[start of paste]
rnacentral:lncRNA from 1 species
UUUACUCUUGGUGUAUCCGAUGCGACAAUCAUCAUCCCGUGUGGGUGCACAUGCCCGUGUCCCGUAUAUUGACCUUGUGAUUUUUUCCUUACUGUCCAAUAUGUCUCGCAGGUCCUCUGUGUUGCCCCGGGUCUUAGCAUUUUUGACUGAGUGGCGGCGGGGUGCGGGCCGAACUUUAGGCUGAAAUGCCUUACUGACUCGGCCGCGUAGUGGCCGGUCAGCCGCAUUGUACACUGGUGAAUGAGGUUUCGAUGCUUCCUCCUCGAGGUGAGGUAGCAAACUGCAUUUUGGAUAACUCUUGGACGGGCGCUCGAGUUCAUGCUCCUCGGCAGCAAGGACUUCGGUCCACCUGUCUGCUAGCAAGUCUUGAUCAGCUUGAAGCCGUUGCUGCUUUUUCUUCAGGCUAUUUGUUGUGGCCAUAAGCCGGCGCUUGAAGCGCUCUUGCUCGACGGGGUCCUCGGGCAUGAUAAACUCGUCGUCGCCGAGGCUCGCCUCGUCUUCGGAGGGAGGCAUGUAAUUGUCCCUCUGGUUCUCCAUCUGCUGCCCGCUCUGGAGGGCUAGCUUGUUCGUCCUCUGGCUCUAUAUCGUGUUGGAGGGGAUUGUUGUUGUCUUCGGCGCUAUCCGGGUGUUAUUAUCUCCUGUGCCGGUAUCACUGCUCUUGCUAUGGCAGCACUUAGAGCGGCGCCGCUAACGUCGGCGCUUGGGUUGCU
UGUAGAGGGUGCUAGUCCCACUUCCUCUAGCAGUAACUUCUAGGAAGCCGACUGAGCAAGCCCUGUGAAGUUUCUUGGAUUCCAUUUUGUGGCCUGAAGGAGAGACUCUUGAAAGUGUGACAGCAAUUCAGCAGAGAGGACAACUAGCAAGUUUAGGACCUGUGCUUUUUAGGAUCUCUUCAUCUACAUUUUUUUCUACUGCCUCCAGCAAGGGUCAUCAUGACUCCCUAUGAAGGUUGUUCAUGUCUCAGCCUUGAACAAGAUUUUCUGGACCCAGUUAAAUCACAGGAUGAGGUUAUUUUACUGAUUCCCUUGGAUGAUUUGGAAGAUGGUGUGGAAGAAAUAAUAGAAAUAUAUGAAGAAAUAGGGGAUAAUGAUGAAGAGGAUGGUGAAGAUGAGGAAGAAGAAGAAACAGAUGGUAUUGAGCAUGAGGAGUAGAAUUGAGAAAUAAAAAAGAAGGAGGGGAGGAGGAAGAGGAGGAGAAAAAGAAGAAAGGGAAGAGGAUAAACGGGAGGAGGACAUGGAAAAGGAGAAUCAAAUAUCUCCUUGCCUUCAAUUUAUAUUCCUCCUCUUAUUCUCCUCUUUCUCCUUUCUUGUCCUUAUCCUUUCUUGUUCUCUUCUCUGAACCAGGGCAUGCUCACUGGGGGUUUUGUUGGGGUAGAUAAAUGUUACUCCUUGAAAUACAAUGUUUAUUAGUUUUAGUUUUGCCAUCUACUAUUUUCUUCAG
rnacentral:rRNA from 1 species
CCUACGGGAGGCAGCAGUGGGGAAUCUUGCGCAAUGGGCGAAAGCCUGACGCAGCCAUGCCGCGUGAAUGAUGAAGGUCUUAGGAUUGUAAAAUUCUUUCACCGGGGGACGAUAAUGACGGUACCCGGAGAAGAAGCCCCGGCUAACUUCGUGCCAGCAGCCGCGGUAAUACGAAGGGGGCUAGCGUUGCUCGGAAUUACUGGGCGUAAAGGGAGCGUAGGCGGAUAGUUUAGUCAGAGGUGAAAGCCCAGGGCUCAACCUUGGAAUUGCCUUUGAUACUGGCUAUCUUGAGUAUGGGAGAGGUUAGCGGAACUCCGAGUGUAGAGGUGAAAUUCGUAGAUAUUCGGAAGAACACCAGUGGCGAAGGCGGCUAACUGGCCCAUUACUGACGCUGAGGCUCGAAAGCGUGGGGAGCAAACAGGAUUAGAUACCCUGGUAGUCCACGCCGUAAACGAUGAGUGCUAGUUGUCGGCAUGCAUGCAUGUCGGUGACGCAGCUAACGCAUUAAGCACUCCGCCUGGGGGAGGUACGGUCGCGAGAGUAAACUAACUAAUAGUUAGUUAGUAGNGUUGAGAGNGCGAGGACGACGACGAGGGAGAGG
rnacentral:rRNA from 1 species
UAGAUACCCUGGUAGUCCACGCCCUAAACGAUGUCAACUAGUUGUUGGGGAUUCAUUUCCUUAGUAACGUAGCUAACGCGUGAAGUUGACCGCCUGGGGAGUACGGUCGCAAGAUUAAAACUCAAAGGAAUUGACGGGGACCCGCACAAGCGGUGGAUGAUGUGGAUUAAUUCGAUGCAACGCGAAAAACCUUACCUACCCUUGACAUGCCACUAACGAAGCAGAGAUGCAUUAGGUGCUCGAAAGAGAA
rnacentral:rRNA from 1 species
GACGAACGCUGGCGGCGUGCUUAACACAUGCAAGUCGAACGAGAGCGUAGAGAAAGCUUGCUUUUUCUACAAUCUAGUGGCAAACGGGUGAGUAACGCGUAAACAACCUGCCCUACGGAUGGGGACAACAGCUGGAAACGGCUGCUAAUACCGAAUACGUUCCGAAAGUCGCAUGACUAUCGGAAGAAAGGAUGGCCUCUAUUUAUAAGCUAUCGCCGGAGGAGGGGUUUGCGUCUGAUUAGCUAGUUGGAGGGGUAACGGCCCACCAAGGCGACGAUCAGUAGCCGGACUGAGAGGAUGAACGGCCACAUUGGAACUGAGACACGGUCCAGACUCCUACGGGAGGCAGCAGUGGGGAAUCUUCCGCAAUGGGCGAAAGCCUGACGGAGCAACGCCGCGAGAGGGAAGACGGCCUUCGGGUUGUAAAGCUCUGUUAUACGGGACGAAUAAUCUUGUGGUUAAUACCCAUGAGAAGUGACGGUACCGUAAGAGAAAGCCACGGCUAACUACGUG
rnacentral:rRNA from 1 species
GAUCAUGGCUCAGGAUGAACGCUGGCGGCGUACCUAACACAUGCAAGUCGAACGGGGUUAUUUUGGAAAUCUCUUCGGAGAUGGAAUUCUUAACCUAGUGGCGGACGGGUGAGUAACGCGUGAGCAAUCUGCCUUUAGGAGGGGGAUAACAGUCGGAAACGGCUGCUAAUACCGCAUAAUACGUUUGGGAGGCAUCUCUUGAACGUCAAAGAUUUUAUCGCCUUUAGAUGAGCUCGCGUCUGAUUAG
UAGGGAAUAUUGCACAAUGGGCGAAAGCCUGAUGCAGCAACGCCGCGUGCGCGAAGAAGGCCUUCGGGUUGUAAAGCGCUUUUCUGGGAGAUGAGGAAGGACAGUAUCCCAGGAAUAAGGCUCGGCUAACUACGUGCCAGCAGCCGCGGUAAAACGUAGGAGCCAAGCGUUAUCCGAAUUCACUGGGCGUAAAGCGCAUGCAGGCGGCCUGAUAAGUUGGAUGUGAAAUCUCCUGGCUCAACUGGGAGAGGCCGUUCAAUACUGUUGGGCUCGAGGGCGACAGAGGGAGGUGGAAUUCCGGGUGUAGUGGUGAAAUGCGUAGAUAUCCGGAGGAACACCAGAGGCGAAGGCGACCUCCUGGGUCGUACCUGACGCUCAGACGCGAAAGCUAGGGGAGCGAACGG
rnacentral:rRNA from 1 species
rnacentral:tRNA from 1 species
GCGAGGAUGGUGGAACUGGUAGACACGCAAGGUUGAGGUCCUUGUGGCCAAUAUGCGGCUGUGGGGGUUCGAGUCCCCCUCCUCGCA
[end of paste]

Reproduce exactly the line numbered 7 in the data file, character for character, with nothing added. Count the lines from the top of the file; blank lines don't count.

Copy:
UAGAUACCCUGGUAGUCCACGCCCUAAACGAUGUCAACUAGUUGUUGGGGAUUCAUUUCCUUAGUAACGUAGCUAACGCGUGAAGUUGACCGCCUGGGGAGUACGGUCGCAAGAUUAAAACUCAAAGGAAUUGACGGGGACCCGCACAAGCGGUGGAUGAUGUGGAUUAAUUCGAUGCAACGCGAAAAACCUUACCUACCCUUGACAUGCCACUAACGAAGCAGAGAUGCAUUAGGUGCUCGAAAGAGAA